People often share ownership of money and assets by putting someone else on an account or deed under Joint Tenancy. One of the main advantages of Joint Tenancy is that when one of the owners dies, the property will automatically go to the other owner, and there is no need for a will or probate.
But there are disadvantages you should consider before putting someone else’s name on something.
- If you have a home and have listed someone as co-owner as Joint Tenants, you will not be able to do anything with this property without his or her permission, such as sell it or get a second mortgage.
- In addition, if a creditor comes after the other owner, the creditor may have access to all or part of anything that you own jointly with that person, including your home.
- Joint Tenancy does not provide tax protection for your estate after you die.
- If the other owner were to become incapacitated, you would be unable to do anything with that property while the person is alive, unless they have planned for this ahead of time.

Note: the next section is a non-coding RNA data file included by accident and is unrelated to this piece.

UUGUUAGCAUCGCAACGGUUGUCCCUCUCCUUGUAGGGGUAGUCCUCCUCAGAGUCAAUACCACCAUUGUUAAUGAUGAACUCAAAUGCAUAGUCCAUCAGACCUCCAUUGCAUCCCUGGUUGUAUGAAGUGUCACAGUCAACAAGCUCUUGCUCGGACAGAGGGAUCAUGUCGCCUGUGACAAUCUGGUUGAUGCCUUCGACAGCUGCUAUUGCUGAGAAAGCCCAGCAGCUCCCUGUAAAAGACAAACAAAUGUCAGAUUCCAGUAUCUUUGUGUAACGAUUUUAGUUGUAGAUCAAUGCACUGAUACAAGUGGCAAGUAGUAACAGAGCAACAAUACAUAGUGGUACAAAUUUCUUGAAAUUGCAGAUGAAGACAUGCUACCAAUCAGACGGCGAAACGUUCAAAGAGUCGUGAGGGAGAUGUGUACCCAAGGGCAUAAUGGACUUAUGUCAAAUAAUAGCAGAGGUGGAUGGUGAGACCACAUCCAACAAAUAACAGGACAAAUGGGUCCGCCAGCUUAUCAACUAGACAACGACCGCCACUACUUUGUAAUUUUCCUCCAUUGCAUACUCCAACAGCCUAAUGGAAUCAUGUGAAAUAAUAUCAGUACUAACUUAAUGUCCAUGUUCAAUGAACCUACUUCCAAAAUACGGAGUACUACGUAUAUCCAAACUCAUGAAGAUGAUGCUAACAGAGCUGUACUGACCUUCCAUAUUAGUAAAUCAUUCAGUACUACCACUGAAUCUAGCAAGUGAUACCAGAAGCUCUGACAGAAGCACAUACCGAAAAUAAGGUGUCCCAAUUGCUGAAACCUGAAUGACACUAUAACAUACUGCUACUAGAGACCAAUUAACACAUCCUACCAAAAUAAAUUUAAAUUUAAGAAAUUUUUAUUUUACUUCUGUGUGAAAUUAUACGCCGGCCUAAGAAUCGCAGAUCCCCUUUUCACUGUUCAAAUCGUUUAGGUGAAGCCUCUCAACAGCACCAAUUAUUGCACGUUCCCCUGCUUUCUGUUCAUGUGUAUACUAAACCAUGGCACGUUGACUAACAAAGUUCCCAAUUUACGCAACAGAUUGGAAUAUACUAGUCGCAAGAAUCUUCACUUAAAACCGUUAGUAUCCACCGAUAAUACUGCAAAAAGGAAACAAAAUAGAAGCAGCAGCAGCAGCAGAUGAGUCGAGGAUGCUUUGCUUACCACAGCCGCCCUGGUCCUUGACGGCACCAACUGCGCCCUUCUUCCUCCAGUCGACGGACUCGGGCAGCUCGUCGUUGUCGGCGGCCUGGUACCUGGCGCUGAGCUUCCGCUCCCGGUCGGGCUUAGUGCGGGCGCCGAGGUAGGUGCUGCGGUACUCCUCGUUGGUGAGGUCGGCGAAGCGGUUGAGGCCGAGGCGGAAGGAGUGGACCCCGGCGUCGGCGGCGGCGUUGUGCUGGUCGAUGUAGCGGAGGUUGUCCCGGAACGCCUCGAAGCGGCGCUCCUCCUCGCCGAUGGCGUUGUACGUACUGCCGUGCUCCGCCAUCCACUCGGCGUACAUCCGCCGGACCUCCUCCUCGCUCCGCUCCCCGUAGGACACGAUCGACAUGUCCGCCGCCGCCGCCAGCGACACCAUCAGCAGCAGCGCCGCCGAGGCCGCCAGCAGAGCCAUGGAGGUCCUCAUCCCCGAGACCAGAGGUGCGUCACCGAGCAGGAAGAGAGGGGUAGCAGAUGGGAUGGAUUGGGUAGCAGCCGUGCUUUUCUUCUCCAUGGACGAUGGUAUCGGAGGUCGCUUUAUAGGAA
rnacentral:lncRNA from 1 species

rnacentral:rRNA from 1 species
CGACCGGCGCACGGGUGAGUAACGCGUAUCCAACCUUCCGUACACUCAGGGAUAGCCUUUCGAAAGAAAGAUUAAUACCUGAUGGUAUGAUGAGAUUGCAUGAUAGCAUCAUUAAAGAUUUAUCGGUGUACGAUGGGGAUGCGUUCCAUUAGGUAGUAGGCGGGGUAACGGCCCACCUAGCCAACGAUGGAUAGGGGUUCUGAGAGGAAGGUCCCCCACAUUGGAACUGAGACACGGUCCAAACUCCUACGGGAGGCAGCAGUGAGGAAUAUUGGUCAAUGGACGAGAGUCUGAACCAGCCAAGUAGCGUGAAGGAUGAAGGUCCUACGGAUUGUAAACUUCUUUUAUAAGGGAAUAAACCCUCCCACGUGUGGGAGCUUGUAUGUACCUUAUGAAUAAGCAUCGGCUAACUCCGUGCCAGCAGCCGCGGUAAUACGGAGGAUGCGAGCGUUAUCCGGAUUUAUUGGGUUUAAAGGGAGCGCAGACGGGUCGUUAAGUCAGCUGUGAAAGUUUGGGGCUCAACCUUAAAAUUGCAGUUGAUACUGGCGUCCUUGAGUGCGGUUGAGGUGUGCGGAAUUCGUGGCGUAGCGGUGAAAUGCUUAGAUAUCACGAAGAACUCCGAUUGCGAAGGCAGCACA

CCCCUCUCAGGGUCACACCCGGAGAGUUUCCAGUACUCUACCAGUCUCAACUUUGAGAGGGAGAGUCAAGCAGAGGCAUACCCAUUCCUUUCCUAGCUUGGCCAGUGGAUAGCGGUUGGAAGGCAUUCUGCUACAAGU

- If you choose to own a home in Joint Tenancy with someone other than a spouse and the relationship falls apart, this could get very sticky when it comes to dividing property. A divorce court won’t decide who gets the house, or even order it to be sold. If the other party does not want to sell his or her half, the other party does not have to. You may have to file a court action seeking a partition from the court or, if available, a court-ordered sale.
- If you make a child co-owner out of necessity, the child is under no legal obligation to be fair with your other children when it comes to dividing up assets after your death. This frequently causes family disputes which often have to be resolved by a court.
Although Joint Tenancy does have some advantages, you will want to consider the possible consequences before you agree to this type of ownership.